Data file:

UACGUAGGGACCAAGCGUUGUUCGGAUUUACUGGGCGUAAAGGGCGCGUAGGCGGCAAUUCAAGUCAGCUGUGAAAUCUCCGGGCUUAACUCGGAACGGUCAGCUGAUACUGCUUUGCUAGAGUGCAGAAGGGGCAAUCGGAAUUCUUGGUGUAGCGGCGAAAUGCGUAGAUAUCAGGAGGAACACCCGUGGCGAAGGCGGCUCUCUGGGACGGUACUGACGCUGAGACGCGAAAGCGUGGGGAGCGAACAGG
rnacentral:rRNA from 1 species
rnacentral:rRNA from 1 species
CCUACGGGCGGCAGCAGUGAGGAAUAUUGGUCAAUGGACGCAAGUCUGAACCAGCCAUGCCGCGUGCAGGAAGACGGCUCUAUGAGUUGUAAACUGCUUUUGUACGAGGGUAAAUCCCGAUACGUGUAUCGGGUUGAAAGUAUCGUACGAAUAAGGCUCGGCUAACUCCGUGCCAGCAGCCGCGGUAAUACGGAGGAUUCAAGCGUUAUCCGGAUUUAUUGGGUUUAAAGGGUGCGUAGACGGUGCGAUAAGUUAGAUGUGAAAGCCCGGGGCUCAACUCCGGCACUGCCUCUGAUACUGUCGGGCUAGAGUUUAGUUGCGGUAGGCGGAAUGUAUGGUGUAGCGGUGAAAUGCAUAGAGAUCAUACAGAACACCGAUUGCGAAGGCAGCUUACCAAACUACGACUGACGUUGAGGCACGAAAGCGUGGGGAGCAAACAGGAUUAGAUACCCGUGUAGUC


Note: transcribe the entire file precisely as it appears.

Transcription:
UACGUAGGGACCAAGCGUUGUUCGGAUUUACUGGGCGUAAAGGGCGCGUAGGCGGCAAUUCAAGUCAGCUGUGAAAUCUCCGGGCUUAACUCGGAACGGUCAGCUGAUACUGCUUUGCUAGAGUGCAGAAGGGGCAAUCGGAAUUCUUGGUGUAGCGGCGAAAUGCGUAGAUAUCAGGAGGAACACCCGUGGCGAAGGCGGCUCUCUGGGACGGUACUGACGCUGAGACGCGAAAGCGUGGGGAGCGAACAGG
rnacentral:rRNA from 1 species
rnacentral:rRNA from 1 species
CCUACGGGCGGCAGCAGUGAGGAAUAUUGGUCAAUGGACGCAAGUCUGAACCAGCCAUGCCGCGUGCAGGAAGACGGCUCUAUGAGUUGUAAACUGCUUUUGUACGAGGGUAAAUCCCGAUACGUGUAUCGGGUUGAAAGUAUCGUACGAAUAAGGCUCGGCUAACUCCGUGCCAGCAGCCGCGGUAAUACGGAGGAUUCAAGCGUUAUCCGGAUUUAUUGGGUUUAAAGGGUGCGUAGACGGUGCGAUAAGUUAGAUGUGAAAGCCCGGGGCUCAACUCCGGCACUGCCUCUGAUACUGUCGGGCUAGAGUUUAGUUGCGGUAGGCGGAAUGUAUGGUGUAGCGGUGAAAUGCAUAGAGAUCAUACAGAACACCGAUUGCGAAGGCAGCUUACCAAACUACGACUGACGUUGAGGCACGAAAGCGUGGGGAGCAAACAGGAUUAGAUACCCGUGUAGUC